In basic terms, the Jones Act provides protections for workers injured at sea because they do not enjoy workers' compensation protections like other workers who are injured on-the-job. The Jones Act allows injured seaman to bring a claim against their employer when they have been injured while working at sea.
Jones Act protections apply to masters, captains, officers and crew members who spend at least 30 percent of their work time on a vessel in navigation. The definition of a vessel in navigation is a vessel that is afloat, operational or capable of moving on navigable waters. Employers of workers at sea are required to provide a reasonably safe workplace and, if they fail to do so, they may be liable for the damages an injured worker suffers.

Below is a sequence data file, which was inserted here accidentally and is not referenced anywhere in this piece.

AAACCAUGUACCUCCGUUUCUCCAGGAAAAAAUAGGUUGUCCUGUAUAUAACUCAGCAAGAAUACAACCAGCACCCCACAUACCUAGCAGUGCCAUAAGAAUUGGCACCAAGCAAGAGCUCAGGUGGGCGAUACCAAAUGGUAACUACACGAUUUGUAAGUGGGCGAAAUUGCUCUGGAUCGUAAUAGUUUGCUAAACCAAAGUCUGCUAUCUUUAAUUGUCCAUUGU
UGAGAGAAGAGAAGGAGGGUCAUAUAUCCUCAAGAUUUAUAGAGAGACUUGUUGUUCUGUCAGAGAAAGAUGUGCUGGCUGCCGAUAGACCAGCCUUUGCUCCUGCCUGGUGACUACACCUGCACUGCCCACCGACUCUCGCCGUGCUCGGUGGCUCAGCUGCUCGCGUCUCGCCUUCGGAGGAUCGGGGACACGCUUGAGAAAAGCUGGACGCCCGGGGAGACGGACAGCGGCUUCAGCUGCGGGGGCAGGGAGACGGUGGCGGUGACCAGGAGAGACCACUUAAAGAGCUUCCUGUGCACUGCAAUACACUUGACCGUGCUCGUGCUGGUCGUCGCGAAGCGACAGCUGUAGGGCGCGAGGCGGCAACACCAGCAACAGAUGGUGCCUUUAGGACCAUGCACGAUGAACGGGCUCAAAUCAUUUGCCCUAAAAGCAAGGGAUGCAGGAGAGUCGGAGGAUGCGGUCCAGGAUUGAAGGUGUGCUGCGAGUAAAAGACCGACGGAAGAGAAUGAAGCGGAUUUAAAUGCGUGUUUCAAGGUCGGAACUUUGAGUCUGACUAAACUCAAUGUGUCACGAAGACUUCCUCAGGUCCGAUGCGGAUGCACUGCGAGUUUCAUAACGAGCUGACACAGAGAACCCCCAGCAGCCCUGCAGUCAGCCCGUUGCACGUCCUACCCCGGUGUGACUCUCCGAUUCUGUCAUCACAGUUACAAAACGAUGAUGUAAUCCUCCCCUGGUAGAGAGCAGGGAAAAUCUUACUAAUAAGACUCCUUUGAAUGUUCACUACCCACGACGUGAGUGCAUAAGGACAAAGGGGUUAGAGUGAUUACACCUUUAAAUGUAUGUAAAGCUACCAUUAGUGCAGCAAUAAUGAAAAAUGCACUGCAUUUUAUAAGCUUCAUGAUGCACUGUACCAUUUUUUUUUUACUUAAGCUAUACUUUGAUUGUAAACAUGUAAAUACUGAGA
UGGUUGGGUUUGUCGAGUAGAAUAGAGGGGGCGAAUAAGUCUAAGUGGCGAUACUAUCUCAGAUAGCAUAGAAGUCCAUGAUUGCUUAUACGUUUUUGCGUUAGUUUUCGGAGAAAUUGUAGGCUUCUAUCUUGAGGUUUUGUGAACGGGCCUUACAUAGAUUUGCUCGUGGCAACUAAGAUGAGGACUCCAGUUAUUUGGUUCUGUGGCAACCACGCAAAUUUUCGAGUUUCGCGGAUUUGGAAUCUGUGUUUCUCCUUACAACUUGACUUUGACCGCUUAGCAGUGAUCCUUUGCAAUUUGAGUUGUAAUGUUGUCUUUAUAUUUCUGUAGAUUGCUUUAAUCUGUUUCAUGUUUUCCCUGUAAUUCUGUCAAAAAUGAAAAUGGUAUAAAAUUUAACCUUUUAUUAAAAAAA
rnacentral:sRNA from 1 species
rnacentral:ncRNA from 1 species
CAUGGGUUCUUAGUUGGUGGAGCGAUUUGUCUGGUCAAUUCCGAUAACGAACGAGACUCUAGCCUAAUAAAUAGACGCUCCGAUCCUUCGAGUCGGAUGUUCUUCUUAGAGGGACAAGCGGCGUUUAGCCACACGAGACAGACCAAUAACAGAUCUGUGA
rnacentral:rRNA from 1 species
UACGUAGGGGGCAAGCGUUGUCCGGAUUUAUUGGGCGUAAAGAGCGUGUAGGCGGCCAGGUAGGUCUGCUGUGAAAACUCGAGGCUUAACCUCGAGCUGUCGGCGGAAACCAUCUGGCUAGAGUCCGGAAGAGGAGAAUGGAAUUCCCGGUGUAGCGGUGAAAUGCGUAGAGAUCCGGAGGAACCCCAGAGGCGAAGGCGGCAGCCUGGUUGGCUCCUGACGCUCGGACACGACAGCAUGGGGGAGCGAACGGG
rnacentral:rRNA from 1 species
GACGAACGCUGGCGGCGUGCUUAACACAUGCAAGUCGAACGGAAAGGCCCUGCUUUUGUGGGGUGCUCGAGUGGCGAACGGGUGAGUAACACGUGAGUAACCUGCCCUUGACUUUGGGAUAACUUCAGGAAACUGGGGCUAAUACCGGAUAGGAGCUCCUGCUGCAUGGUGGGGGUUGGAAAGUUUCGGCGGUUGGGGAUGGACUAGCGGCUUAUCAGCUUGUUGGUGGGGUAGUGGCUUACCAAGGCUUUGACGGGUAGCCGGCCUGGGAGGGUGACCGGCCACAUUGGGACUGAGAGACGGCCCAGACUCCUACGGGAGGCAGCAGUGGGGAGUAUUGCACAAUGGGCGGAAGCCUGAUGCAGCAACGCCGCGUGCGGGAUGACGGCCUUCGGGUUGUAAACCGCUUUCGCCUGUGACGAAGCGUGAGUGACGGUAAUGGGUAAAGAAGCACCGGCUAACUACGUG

An injured worker may be able to pursue a claim for maritime injuries if the captain or another employee was negligent and created unsafe working conditions that injured the worker. Examples of unsafe working conditions include insufficient training of the captain or crew; equipment that is poorly maintained; failure to provide crewmembers with the proper equipment; falls due to oil or other slippery substances on the ship; or assault from another crew member.
A claim for the injuries and harm suffered in a workplace accident at sea can help injured seamen with their medical expenses and other financial and emotional concerns. There are also other options that may be available depending on the circumstances that injured seamen should be familiar with and they should also be aware of the process to file a claim under the Jones Act for injuries and harm.